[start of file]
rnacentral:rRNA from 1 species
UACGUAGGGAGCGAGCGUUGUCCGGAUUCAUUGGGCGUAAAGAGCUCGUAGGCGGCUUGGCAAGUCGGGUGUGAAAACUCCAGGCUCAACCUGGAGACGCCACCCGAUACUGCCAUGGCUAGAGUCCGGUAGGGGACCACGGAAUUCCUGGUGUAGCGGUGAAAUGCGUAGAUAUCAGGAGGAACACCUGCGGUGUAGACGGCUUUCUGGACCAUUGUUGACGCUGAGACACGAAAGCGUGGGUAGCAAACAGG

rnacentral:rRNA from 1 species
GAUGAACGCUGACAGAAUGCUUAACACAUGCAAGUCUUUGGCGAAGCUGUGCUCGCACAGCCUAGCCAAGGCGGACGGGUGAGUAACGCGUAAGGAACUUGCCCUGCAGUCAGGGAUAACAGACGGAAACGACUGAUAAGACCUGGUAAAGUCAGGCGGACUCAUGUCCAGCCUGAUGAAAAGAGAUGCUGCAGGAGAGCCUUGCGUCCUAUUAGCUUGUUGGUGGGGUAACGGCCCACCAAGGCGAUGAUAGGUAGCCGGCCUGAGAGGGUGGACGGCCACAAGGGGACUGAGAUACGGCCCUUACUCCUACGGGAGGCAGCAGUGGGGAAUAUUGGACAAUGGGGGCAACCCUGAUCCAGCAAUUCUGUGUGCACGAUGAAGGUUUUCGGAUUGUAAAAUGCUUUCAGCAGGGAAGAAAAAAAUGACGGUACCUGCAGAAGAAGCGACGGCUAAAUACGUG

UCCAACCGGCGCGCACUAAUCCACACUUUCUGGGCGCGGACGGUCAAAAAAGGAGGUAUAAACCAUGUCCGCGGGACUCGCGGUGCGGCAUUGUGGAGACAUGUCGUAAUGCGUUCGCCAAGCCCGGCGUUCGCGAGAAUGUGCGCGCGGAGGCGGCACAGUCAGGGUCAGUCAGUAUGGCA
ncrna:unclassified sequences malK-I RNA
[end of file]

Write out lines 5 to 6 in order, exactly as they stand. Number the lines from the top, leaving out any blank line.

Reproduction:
UCCAACCGGCGCGCACUAAUCCACACUUUCUGGGCGCGGACGGUCAAAAAAGGAGGUAUAAACCAUGUCCGCGGGACUCGCGGUGCGGCAUUGUGGAGACAUGUCGUAAUGCGUUCGCCAAGCCCGGCGUUCGCGAGAAUGUGCGCGCGGAGGCGGCACAGUCAGGGUCAGUCAGUAUGGCA
ncrna:unclassified sequences malK-I RNA